By Paul Wolf

New York weather has nothing on the annual National Retail Federation Big Show, especially this year’s show. Not even the strongest winds or coldest temperatures could match the flurry of activity, announcements, news and noise. Like every year, NRF was a full-throttle race showcasing the hottest, fastest and newest technologies.

Paul Wolf, vice president of Retail and Consumer Products for Xerox.

“I discovered — really, re-discovered — four realities in retail. They reminded me why I’m in this industry.” — Paul Wolf, vice president of Retail and Consumer Products for Xerox.

Now that it’s behind us, what’s next? What do retailers and vendors take from the show? I discovered—really, re-discovered—four realities in retail. They reminded me why I’m in this industry. Maybe they’ll remind you too.

Do It Differently. There’s never a shortage of innovation and ideas at NRF. One of the best examples involves Shelfbucks and GameStop – and in-store beacons, which typically identify an in-store shopper and then “welcome” them to the store with coupons or other shopping-driven content. Shelfbucks and GameStop flip this on its head. Instead, customers with the GameStop app can hold their phone over a beacon device on the shelf and get access to a range of product reviews and other details about the game.  As the signage specifies, customers can also get access to discounts on that item. The distinction? This way pulls the customer, versus pushing content, which Shelfbucks compares to e-mail spam. Read this related article.

The Platform Still Remains Relevant. It’s not a glamorous topic, but platforms remain paramount. As omnichannel and Internet-Everything prevail—and as security problems remain—retailers need to re-examine the health and capabilities of their technologies. How do they work and adapt to an omnichannel world? On the show floor, Earthlink’s Secure Store Front was showcased. It manages and identifies threats, offers PCI compliance, connects with mobile customers and captures business intelligence. Cisco’s Connected Retail was interesting too, with a focus on the Internet of Everything, mobility and connected analytics. Both proved compelling. Also of interest was Chico’s retail stores usage of tech tables. The tables are interactive and give in-store shoppers an in-store/online experience, all at once. A story last year in FashInvest tells the story best.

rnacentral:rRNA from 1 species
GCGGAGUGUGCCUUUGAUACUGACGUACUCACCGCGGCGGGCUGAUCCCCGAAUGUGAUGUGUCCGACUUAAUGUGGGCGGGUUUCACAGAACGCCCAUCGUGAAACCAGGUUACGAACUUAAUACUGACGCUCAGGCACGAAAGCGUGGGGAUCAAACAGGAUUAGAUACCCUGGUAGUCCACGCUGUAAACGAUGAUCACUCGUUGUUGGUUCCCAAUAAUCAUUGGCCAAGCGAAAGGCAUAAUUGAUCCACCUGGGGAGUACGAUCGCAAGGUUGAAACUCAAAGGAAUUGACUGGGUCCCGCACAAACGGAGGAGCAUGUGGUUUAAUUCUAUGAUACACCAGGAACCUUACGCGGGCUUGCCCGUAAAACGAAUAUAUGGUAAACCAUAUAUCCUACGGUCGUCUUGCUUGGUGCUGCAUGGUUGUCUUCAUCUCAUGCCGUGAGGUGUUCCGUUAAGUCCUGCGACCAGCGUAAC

The Customer Comes First. We know this, ad nauseum, but hearing it from Bill Simon, Wal Mart’s president and CEO, was a strong reminder that what we say versus what we do are often not aligned. He said that while channel integration is critical, taking care of customers must be the starting point for anything–especially “omnichannel.” He added that today’s e-commerce approach is one dimensional. Unless that changes, growth will be limited. I agree.

Proving Retail is the World’s Best Industry. Retailers and the vendor community proved it again this year. They gave more than $400,000 to help orphans around the world via RetailROI Super Saturday on Jan. 10, just prior to the show. I’ve had the privilege to actually go on a trip to Honduras with other RetailROI volunteers (and my two oldest sons). Life-changing. A key highlight was to hear Katie Meyler, founder of More Than Me, shared her personal and candid story in fighting the Ebola crisis in Liberia.

In essence, this year’s NRF was five star. Retailers are increasingly savvy about “what’s next.” They’re ready to invest in tech but it must be tried and true, and tied to customer service – and tangible business benefits. Even discussions about store-level tech support got several thumbs ups. A complete NRF 2015 re-cap is online.

It won’t be long now before we head to NRF 2016. I’ll be there again. It’s worth every minute.

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